1. The facts of the case are that appellant is a proprietor of M/s. K.S. Ranganath Architecture and providing Architecture services which was taxable from 16.10.1998. Appellant had registered with the service the department under Architect Services only in June 2004. It emerged that appellant had been rendering taxable services and collecting consideration from their clients. It was alleged that appellant was charging and collecting service tax from the clients but had not remitted the same to the department. Hence show cause notice invoking extended period of limitation was issued to appellant proposing demand of an amount Rs. 10,90,730/- towards service tax, amount of Rs. 3,91,375/- towards non-remittance of collected service tax along with interest thereon besides, imposition of penalties under various provisions of law. On adjudication, original authority vide impugned order dt. 09.05.2007 confirmed the tax demand, interest and also imposed penalties under Section 76, 77 & 78 of the Finance Act, 1994. In appeal, Commissioner (Appeals) vide impugned order dt. 15.1.2010 upheld the decision of lower authority to invoke extended period under proviso to Section 73(1) of the Finance Act. He set aside penalties under Section 76 & 78 of the Act. However, he directed the adjudicating authority to rework the demand in respect of Annexure II (list of invoices raised, the value of which is not reflected in the professional receipt) and Annexure-III to SCN (list of invoices where service tax was charged). Aggrieved, appellants are before this forum.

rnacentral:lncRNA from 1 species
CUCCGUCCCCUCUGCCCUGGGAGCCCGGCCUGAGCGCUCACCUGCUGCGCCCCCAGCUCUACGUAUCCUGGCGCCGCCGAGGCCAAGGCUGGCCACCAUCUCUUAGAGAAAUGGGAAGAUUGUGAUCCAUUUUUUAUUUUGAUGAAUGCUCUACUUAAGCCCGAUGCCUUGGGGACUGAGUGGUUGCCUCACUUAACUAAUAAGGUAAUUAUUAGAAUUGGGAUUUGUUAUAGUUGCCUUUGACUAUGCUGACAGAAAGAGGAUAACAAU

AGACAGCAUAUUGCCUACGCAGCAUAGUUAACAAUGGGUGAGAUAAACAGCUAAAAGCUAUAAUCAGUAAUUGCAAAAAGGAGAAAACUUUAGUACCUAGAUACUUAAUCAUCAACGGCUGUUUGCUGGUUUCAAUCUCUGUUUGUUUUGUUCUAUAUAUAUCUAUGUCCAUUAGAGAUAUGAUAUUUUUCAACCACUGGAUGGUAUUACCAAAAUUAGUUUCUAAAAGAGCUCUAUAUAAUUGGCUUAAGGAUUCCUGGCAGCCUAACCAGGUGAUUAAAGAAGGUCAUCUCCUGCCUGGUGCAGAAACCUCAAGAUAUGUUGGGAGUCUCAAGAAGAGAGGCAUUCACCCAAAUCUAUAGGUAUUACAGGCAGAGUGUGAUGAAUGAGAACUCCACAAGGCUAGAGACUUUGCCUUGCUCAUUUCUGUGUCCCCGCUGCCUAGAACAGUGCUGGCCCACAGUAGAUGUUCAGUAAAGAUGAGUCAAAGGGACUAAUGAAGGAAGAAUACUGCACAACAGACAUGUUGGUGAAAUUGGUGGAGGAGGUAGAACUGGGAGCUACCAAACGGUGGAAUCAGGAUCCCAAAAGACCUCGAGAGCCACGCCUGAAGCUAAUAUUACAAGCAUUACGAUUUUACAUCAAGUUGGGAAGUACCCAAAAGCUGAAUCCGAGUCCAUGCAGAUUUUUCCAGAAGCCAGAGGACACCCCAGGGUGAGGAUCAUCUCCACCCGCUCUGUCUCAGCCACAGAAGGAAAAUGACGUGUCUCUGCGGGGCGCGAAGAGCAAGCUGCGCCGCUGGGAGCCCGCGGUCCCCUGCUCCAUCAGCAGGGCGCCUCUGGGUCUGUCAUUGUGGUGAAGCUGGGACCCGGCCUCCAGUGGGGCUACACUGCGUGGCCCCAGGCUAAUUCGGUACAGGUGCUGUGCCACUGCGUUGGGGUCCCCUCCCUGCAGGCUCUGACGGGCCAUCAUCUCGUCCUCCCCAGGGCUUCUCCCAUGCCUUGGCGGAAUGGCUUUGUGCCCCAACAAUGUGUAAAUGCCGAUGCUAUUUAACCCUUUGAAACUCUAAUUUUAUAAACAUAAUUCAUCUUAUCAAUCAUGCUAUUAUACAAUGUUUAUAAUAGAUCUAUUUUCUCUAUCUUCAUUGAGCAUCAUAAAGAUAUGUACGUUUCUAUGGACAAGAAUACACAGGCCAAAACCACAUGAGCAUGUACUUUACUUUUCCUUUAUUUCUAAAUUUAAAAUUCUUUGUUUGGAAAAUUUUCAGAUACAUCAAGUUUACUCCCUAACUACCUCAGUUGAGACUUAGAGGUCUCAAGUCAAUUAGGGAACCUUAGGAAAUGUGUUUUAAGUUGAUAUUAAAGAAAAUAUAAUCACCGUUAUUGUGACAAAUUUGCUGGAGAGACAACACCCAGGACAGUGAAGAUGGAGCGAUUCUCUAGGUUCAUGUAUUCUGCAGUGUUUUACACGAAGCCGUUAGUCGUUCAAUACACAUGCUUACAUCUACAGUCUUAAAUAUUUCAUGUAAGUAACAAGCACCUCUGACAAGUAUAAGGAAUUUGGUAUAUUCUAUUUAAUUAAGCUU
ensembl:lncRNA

2. Today when the matter came up for hearing, on behalf of the appellant, Ld. Advocates Ms. Asmita A. Nayak and Shri J. Surender made the following oral and written submissions which can be broadly summarized as under:
i) The Constitutional validity of the levy of Service Tax on Architects was challenged by various associations and Writs were filed in various High Courts and hence there was no clarity about the applicability of service tax on Architect Services and various Architects had not taken registration. The dispute was finally settled by the Hon'ble Supreme Court of India vide Civil Appeal No. 7128 of 2001 as reported in : 2007 (7) S.T.R. 625 (SC) and therefore the charge of suppression etc. is totally misconceived as the disputed period is prior to 2007 i.e. 2001 to 2006.
ii) When the Appellant started charging Service Tax, his clients were not ready to pay the requisite tax and he was also being underpaid his professional fees. After the Appellant started getting service tax collections from his clients, he got himself registered under the Service Tax Department in 2004.
iii) Moreover, on account of the confusion regarding applicability of Service Tax, the Appellant was facing a lot of accounting and technical discrepancies, as a result of which, the accounts were not kept properly and the Appellant had also not filed his Income Tax returns for the year 2004-2005 due to badly kept accounts.
iv) The Appellant has only two bank accounts and whatever professional fees has been received in these two accounts have already been voluntarily remitted by the Appellant and there is no proof by the Department that any fees outside these bank accounts had been received which is supported by Chartered Accountant Certificate.